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If a white kid is going to the city to commit terrible acts, why not pair that with the third Children of the Corn movie, where the cult of He Who Walks Behind the Rows plants its seeds in Chicago? Sure, it’s a silly direct-to-video effort, but the Screaming Mad George effects are beyond compare, and it might just surprise you.


September 21



THE HOUSE WITH A CLOCK IN ITS WALLS

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Directed by: Eli Roth

Rating: PG

Synopsis: Ten-year-old Lewis (Owen Vacarro) goes to live with his uncle in a creaky old house that contains a mysterious ticktock noise. When Lewis accidentally awakens the dead, the town's sleepy facade magically springs to life with a secret world of witches and warlocks.


Pairing: GOOSEBUMPS (2015)

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Never forget the cornerstone in the firmament of the Jack Black-aissance, the surprisingly charming Goosebumps reboot that casts Black as R. L. Stine himself in an adventure chasing down creatures that are released from his novels. His teen co-star Dylan Minnette has also blown up since then, thanks to his roles in Don’t Breathe and 13 Reasons Why. Always worth a rewatch!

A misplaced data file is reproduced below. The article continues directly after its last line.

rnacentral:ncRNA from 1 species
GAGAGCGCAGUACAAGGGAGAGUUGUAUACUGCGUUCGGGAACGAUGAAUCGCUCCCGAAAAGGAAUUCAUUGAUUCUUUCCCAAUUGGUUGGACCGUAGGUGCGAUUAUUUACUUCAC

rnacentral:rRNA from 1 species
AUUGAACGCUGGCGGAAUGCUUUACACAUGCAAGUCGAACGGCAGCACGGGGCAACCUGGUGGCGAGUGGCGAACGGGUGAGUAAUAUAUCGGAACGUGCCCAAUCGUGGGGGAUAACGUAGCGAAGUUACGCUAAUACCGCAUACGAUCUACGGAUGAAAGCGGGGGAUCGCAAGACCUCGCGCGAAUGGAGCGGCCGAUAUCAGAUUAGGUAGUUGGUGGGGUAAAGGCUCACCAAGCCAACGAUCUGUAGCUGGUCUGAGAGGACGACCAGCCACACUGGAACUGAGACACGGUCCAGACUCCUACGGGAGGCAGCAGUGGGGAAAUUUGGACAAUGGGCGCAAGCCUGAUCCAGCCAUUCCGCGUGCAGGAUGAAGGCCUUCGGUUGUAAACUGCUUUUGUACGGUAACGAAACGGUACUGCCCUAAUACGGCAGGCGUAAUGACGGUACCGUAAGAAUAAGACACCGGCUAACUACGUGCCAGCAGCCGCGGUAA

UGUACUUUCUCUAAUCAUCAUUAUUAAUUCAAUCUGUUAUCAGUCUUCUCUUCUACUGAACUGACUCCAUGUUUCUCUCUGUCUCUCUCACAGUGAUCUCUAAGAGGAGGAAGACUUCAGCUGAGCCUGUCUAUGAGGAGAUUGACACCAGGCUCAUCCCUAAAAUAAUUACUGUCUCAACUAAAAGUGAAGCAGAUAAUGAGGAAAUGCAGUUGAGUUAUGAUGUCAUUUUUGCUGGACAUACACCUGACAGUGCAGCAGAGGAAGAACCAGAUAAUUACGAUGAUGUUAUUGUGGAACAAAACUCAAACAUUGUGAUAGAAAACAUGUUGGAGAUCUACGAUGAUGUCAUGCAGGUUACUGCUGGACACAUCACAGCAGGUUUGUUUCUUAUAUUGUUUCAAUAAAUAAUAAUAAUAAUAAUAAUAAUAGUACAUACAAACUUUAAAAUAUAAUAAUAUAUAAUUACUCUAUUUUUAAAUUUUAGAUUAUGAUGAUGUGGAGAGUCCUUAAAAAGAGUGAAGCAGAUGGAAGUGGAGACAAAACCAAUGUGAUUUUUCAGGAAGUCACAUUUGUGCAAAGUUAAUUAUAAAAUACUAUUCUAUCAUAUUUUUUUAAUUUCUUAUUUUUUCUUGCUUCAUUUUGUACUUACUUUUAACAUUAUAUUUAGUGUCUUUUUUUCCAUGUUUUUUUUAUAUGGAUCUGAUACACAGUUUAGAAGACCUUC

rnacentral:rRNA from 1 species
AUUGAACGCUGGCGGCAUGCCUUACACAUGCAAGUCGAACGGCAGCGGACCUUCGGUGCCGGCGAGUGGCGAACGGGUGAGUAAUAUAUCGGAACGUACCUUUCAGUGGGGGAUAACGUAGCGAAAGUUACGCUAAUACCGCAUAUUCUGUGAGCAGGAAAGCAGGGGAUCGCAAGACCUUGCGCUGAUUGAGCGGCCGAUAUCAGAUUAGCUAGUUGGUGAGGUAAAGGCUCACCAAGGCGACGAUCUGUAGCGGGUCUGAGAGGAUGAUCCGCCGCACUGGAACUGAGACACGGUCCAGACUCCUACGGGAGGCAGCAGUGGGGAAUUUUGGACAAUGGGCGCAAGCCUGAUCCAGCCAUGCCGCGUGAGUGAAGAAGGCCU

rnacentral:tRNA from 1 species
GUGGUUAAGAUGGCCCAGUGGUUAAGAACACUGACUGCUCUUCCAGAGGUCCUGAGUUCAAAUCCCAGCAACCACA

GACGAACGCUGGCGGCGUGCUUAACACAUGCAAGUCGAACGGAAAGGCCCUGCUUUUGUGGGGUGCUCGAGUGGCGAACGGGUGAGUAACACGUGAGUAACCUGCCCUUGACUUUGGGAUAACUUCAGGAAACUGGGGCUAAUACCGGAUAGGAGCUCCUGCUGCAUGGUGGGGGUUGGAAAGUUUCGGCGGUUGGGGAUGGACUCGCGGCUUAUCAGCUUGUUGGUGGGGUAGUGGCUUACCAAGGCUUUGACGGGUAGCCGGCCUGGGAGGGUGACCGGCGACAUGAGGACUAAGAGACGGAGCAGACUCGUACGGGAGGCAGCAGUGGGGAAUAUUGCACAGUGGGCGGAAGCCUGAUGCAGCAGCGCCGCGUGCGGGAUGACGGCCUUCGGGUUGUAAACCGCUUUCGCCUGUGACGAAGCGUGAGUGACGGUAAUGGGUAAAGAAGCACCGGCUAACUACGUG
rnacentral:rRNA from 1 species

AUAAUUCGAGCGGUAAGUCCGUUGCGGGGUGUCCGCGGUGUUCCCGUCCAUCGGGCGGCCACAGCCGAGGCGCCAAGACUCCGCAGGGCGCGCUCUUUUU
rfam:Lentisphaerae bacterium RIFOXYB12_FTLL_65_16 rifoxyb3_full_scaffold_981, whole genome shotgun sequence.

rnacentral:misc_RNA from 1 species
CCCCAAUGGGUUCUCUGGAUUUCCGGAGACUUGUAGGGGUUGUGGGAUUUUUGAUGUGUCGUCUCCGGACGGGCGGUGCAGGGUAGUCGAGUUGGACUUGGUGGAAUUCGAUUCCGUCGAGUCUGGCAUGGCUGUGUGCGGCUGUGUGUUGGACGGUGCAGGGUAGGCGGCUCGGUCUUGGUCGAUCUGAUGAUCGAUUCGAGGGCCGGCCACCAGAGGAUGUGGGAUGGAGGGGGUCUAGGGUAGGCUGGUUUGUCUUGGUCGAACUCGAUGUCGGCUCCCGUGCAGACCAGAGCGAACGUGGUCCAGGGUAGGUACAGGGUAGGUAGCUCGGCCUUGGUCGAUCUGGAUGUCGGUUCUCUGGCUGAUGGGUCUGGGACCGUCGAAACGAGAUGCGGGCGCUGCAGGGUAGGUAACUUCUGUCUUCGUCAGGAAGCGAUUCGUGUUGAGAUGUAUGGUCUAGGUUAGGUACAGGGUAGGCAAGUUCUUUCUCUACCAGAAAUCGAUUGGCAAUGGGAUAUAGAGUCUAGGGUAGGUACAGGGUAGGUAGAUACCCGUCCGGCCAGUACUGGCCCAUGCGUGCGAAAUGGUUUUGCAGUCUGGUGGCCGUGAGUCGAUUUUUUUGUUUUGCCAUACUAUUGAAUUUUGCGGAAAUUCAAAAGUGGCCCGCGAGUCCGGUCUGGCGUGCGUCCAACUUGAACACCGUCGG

September 28



NIGHT SCHOOL

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Directed by: Malcom D. Lee

Rating: PG-13

Synopsis: A man's (Kevin Hart) life takes an unexpected turn when he accidentally blows up his place of employment. Forced to attend night school to get his GED, he must now deal with a group of misfit students and a feisty teacher (Tiffany Haddish) who doesn't think he's too bright.

Pairing: NIGHT SCHOOL (1981)

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How could I not use this opportunity to recommend one of my favorite slashers? Night School is set in the beautiful gaslamp streets of Boston, and is chockablock with layered characters (even the anonymous cannon-fodder who are only there to be decapitated are fun to watch) and scenes that play with your knowledge of the horror genre to playfully create tension. It also features the single best body discovery sequence in the history of cinema.


SMALLFOOT

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Directed by: Karey Kirkpatrick

Rating: PG

Synopsis: A Yeti named Migo (Channing Tatum) stirs up his community when he discovers something that he didn't know existed -- a human.

Pairing: ABOMINABLE (2006)

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OK, the amount of yeti movies we’ve been getting lately is pretty low, so this was an easy decision to make. But still! Yetis!